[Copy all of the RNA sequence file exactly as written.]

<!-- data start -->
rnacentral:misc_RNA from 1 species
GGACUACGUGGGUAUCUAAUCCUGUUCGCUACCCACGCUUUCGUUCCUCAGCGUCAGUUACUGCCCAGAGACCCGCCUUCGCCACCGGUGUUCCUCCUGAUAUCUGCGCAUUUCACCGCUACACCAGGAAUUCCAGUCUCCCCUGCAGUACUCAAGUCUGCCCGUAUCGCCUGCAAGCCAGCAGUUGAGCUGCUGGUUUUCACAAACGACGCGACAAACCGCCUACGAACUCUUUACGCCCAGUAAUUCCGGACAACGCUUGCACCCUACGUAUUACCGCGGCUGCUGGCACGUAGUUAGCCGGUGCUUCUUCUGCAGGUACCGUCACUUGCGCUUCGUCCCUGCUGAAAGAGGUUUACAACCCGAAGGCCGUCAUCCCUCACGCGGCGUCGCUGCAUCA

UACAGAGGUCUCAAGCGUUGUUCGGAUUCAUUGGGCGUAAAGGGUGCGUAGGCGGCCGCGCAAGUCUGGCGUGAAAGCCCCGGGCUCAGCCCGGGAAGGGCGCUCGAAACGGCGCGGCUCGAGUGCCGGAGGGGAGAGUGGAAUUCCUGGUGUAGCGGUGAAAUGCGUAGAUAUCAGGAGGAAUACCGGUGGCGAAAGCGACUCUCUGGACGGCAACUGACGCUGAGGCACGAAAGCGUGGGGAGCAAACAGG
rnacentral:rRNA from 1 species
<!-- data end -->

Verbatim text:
rnacentral:misc_RNA from 1 species
GGACUACGUGGGUAUCUAAUCCUGUUCGCUACCCACGCUUUCGUUCCUCAGCGUCAGUUACUGCCCAGAGACCCGCCUUCGCCACCGGUGUUCCUCCUGAUAUCUGCGCAUUUCACCGCUACACCAGGAAUUCCAGUCUCCCCUGCAGUACUCAAGUCUGCCCGUAUCGCCUGCAAGCCAGCAGUUGAGCUGCUGGUUUUCACAAACGACGCGACAAACCGCCUACGAACUCUUUACGCCCAGUAAUUCCGGACAACGCUUGCACCCUACGUAUUACCGCGGCUGCUGGCACGUAGUUAGCCGGUGCUUCUUCUGCAGGUACCGUCACUUGCGCUUCGUCCCUGCUGAAAGAGGUUUACAACCCGAAGGCCGUCAUCCCUCACGCGGCGUCGCUGCAUCA

UACAGAGGUCUCAAGCGUUGUUCGGAUUCAUUGGGCGUAAAGGGUGCGUAGGCGGCCGCGCAAGUCUGGCGUGAAAGCCCCGGGCUCAGCCCGGGAAGGGCGCUCGAAACGGCGCGGCUCGAGUGCCGGAGGGGAGAGUGGAAUUCCUGGUGUAGCGGUGAAAUGCGUAGAUAUCAGGAGGAAUACCGGUGGCGAAAGCGACUCUCUGGACGGCAACUGACGCUGAGGCACGAAAGCGUGGGGAGCAAACAGG
rnacentral:rRNA from 1 species